Stockbrokers in the market do not all owe a fiduciary duty to their clients. A fiduciary duty, as listed in the Investment Advisors Act of 1940 calls upon investment advisors to act with the highest standard of care. It’s difficult for investors to tell when their stock broker owes them a fiduciary duty and even what having a duty owed to them would translate to. Investing with a financial professional who can be trusted to offer sage investment advice while also placing clients interests above their own is what any investor would want. But generally, what most investors discover if they ever consider filing a lawsuit or securities arbitration claim against their stockbroker for a stock market fraud claim of any kind, is that many investment professionals do not technically owe a fiduciary duty to their clients. What the stock brokers title is, which would seem like a small consideration when deciding who to invest with and use for professional wealth management is of critical importance.
Different Stockbroker Titles
When investors start looking to place money into the markets they are generally confronted with a barrage of titles stock brokers carry. Broker, Stockbroker, Investment Advisor, registered representative, account executive, financial advisor, portfolio management specialist, and on and on. What is important to understand and what few investors know before plunging into the world of professional wealth management, is that whether a broker truly owes a fiduciary duty of placing a clients interests before their own depends on a number of factors. Stock brokers making recommendations for a certain stock or bond alone, is not generally enough for a stock broker to be considered a customers fiduciary.
Before examining what makes your stock broker also your fiduciary its critical to explain why this distinction is so important.
Disclosing High Commissions in Securities Products
Stockbrokers without a fiduciary duty have no duty to place their client’s interest above their own. This may seem obvious concerning issues such as fraud or churning a clients account to generate more commissions. The more subtle area is when a broker who may not be churning a clients account, may still be receiving a very high commission on an investment product and marketing that product to investors in order to collect the commission before considering whether it is suitable. Stock brokers with a fiduciary duty must consider their clients best interests and disclose material information such as a very high commission being received to them.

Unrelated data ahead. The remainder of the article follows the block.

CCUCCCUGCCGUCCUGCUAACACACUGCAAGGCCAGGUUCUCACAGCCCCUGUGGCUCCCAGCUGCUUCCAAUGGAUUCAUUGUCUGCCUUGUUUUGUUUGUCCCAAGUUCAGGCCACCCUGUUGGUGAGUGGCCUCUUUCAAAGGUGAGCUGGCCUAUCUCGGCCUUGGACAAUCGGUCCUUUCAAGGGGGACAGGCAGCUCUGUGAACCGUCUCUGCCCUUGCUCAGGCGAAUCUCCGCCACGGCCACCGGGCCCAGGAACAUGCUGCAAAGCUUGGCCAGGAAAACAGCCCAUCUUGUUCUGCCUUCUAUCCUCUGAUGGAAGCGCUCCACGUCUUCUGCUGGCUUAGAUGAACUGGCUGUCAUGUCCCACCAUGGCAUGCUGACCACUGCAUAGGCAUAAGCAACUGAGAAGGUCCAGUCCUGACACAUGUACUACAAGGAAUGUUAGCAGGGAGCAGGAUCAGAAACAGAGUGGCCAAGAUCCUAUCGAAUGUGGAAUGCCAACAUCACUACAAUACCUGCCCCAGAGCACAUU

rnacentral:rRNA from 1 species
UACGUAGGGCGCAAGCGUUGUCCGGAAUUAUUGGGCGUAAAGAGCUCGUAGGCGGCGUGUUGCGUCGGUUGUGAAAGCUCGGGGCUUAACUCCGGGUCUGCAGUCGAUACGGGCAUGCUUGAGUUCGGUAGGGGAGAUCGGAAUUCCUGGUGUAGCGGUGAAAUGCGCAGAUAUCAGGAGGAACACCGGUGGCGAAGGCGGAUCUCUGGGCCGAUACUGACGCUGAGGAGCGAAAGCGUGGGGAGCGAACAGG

Duty to Warn
If material information that is adverse to a stock or bond breaks in the market – does a stockbroker have an obligation to inform the client of this event? This will depend largely on whether the stockbroker is a fiduciary.
Stock Brokers in Non-Discretionary Account
Simply put Stockbrokers are also known as registered representatives and can be a fiduciary depending on the relationship they have with their clients. If the stockbroker works on a nondiscretionary basis in a fee-based account whereby the broker receives a commission on trades, a court or arbitration panel will be less inclined to view the financial advisor as a fiduciary. As stated in one federal court decision a brokers ordinarily end after each transaction is done, and thus do not include a duty to offer unsolicited information, advice, or warnings concerning the customer’s investments. The decision goes on to state that on a transaction by transaction basis a stock broker has a duty to give honest and complete information concerning the trade but not that the obligation client ceases when the trade is executed.
Registered Investment Advisors
An RIA with discretion who is trading in a managed account or wrap account and receiving generally a percentage of the client’s assets as a fee is a fiduciary. Here the RIA has a duty of care and must not only warn clients of material adverse account. While this seems like the best option there are still risks. For one be very wary of independent registered investment advisors operating under their own auspices. As will be discussed in another post, these wealth management specialists have their own set of risks and pitfalls. As was discussed in our post on churning, it may be prudent for investors without a great deal of trading activity who have a set managed account to use a commission based broker. Here paying for wealth management advice only when entering trades may be prudent.
A stockbroker working for commissions who is on a managed investment account may still have a fiduciary duty. As with almost stockbroker fraud related the inquiry is fact sensitive and will depend on the investors investment profile, trading history, new account profile another information. Again Keep in mind even if a fiduciary duty is owed stock market losses on their own will obviously not be enough to bring a claim.